FLUSHING MEADOWS, NY – Cross Sports Journalist off the list of potential careers for Kim Clijsters. When asked tonight, she gave a very quick, no.
“I definitely read the press in my first few years that I was on tour, and then I completely ignored the press,” Clijsters said. Also because positive, negative, I didn’t want it to get to me. It did when I was younger whether there was negative press, positive press.”
Well she will have plenty of time to decide after her second round loss to Brittan’s Laura Robson, 7-6 7-6, because that’s it for the three-time US Open Champion as she calls it a career.
“Now that I’m almost completely finished, you think about when I first stepped on tour, you know and met Steffi Graf and Monica Seles,” she said. “First in Belgium when I was able to practice in a tennis center against Sabine Appelmans and Dominique Monami.
“It’s been an incredible journey, and a lot of dreams for me have come true because of tennis. As a little girl, I got tennis racquets under the tree and outfits of Steffi Graf and Monica Seles and I would want to wear them to bed I was so excited.
“So for me to have been able to have been a part of women’s tennis, and on top of women’s tennis for so many years, now that I think back ‑‑ you know, you don’t think about it when you’re in it. You’re kind of on automatic pilot. You don’t think about those things anyway.
“Now that I think about it, it’s been a crazy rollercoaster at times, as well. All of a sudden when you’re 15, you kind of get thrown in the spotlight, you go through puberty in the spotlight, you have your first boyfriend in the spotlight, you know, everything.
“It’s not just the tennis side of things that you think about now, it’s about life. We’ve had a lot of things happen in these last 15 years that I’ve been on tour. I’m able to look back at them, and I’m very happy with the progress that I’ve made.”
And what a career it has been. Three US Open Champions (2005, 2009, 2010), one Australian Open Championship (2011) and two French Open Finals (2001, 2003) and add to that two doubles majors at the French and Wimbledon in 2003. She, of course retied once and came back looking better than ever.
More importantly, though she goes out on her terms, as she retires for the second and final (we think) time.
She is obviously an all-time great up there with her contemporaries like the Williams sisters and Justine Henin, and and even can be compared with her idols like Graf and Seles, who inspired her to become a tennis player.
“I hate to lose,” she said. “ My husband and I, we play ping‑pong in our garage and I don’t even want to give him a point. I hate to lose, but I’m very aware or I understand and appreciate when you have an opponent who’s playing really well and plays good tennis.
“I always try to be better than my opponent. I always try to find a solution to try and win a match, but I was also aware or understood that, you know, players can be better than you on the day.
“Losses have always motivated me more to go back. I have a little gym in my basement downstairs. Even when I was supposed to take a few days off, I would go into the gym and just run and do intervals and workouts to try and be better next time after a loss.”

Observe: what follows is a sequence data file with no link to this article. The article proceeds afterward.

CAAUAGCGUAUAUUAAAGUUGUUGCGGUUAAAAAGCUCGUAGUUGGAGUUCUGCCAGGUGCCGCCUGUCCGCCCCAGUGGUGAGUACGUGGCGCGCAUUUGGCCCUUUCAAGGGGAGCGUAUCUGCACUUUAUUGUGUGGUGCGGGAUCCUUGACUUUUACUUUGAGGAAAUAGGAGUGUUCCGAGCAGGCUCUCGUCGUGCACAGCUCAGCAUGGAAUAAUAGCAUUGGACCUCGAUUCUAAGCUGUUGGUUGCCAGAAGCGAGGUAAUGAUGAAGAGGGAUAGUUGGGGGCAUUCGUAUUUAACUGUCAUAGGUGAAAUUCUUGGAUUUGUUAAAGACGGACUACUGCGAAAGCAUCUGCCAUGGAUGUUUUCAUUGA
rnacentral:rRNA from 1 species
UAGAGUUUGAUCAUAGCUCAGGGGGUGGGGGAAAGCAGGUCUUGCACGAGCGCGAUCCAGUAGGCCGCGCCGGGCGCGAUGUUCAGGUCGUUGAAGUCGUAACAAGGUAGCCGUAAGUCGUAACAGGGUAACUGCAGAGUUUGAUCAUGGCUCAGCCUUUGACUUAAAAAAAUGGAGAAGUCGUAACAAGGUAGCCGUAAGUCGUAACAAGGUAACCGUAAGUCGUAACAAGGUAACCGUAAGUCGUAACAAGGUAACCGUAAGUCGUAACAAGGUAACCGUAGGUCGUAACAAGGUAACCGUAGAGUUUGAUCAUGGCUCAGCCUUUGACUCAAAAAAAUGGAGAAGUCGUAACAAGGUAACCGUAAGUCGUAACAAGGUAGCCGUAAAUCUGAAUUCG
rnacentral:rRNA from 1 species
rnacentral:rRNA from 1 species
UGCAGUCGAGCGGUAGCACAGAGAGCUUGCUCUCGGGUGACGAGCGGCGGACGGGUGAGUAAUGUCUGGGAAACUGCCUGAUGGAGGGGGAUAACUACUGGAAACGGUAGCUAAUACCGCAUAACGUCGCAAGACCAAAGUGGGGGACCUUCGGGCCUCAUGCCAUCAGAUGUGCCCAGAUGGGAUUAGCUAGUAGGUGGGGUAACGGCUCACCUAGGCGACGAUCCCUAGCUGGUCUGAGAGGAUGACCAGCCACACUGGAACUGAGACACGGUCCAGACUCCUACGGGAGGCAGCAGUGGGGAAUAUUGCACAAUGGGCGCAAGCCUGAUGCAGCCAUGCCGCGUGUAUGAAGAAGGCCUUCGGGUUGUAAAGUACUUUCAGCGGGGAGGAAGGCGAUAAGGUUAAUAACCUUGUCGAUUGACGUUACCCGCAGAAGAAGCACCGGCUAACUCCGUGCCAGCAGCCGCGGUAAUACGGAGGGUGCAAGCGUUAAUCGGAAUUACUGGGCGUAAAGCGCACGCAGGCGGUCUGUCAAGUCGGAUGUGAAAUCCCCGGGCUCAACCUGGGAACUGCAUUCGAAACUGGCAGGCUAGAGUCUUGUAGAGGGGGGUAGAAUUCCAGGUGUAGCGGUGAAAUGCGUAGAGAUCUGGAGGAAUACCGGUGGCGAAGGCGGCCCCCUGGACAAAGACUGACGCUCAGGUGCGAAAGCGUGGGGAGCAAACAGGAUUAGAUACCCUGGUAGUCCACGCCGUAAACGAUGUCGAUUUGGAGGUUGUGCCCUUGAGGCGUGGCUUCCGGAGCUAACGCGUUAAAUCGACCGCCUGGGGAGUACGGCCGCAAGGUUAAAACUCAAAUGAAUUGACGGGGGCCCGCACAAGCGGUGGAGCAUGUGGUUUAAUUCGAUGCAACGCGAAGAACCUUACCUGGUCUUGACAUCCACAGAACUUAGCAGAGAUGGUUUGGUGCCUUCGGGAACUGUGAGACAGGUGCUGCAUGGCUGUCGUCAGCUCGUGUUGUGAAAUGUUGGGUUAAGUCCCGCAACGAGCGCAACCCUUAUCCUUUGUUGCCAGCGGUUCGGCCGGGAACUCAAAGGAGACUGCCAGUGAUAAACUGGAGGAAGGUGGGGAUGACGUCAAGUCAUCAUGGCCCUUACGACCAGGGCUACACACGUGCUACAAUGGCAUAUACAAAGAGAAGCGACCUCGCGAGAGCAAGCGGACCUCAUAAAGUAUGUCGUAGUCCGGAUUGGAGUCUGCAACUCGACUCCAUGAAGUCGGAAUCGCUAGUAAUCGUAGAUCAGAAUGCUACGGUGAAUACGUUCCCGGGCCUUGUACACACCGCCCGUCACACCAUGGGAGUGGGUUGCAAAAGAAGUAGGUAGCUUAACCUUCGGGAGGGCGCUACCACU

But not this time. With her daughter Jada getting older and going to school, the travelling is just too much. Clijsters wants to be a good mother and there for her child while growing up. It makes it difficult to do that and go out on tour.
That’s may be her greatest legacy. The wins are one thing, but to balance being a mother, staying in shape after giving birth and coming back even stronger puts her in the echelon of Margaret Court.
“When I hear it, it is special, and I feel proud that I was able to win a slam as a mother, just because I know how much work it took after I had Jada to get back physically, tennis‑wise, and mentally to get back into the sport,” she mused.
“On the other hand, I never thought about that when I was playing. You know, there were moments that it was hard. Especially when I first started coming on tour it was hard to find the balance between figuring out ‑‑ when I was home, I was still working out, practicing hard, but I was 100% mom.
“If Jada was sick, I would call up and say, I need to be home now. During a tournament, I can’t call the tournament director and say, Hey, can you move my match because I need to be home for Jada or something.
“Again, you know, you have a team that you work with. Nicole, our nanny, has been maybe the most important member of our team because she’s given me so much comfort knowing that my daughter was with somebody I trust.
“When I want Brian to watch me play, Jada is with her. Whether they’re in the hotel or sitting somewhere in the stadium, it’s so comforting knowing that she’s okay. Knowing that, that’s when I’m able to play tennis and go to practice. It got a little bit easier for me to leave home when she started going to school because I didn’t have to feel that guilty of leaving her behind when I had to go to practice.
“It’s been tough at times, too. As a mother, you feel guilty if something happens that you can’t be there, good things or bad things. Unfortunately, those kind of things have been there.
“On the other hand, I know with our lifestyle I’m maybe more with her than parents who work hard and who work from 9:00 to 5:00.
“But, yeah, I think as a parent you always feel like you miss out on things or feel a little bit guilty and you want to do better and be the perfect parent.”
That’s why she is leaving. She was smart enough to know the window was closing to play professional tennis and now her life becomes her family.
At the age of 29, she made the smartest decision of them all, to be a full time mother.
She will be missed at the Open.